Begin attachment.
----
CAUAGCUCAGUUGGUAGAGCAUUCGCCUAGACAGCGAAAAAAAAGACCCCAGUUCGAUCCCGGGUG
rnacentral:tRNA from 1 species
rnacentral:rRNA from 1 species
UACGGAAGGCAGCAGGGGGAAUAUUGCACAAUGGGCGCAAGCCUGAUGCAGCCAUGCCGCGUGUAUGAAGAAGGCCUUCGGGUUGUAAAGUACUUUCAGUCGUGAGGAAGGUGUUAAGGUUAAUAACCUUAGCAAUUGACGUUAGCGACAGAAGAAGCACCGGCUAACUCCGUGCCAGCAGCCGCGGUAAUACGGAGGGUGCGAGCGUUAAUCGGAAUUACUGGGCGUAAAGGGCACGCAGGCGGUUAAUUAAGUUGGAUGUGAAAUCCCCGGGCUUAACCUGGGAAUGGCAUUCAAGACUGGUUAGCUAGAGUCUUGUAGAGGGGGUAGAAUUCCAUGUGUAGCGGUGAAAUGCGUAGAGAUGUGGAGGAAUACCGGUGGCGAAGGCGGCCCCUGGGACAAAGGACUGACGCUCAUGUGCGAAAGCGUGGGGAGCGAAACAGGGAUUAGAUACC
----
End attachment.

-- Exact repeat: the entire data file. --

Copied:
CAUAGCUCAGUUGGUAGAGCAUUCGCCUAGACAGCGAAAAAAAAGACCCCAGUUCGAUCCCGGGUG
rnacentral:tRNA from 1 species
rnacentral:rRNA from 1 species
UACGGAAGGCAGCAGGGGGAAUAUUGCACAAUGGGCGCAAGCCUGAUGCAGCCAUGCCGCGUGUAUGAAGAAGGCCUUCGGGUUGUAAAGUACUUUCAGUCGUGAGGAAGGUGUUAAGGUUAAUAACCUUAGCAAUUGACGUUAGCGACAGAAGAAGCACCGGCUAACUCCGUGCCAGCAGCCGCGGUAAUACGGAGGGUGCGAGCGUUAAUCGGAAUUACUGGGCGUAAAGGGCACGCAGGCGGUUAAUUAAGUUGGAUGUGAAAUCCCCGGGCUUAACCUGGGAAUGGCAUUCAAGACUGGUUAGCUAGAGUCUUGUAGAGGGGGUAGAAUUCCAUGUGUAGCGGUGAAAUGCGUAGAGAUGUGGAGGAAUACCGGUGGCGAAGGCGGCCCCUGGGACAAAGGACUGACGCUCAUGUGCGAAAGCGUGGGGAGCGAAACAGGGAUUAGAUACC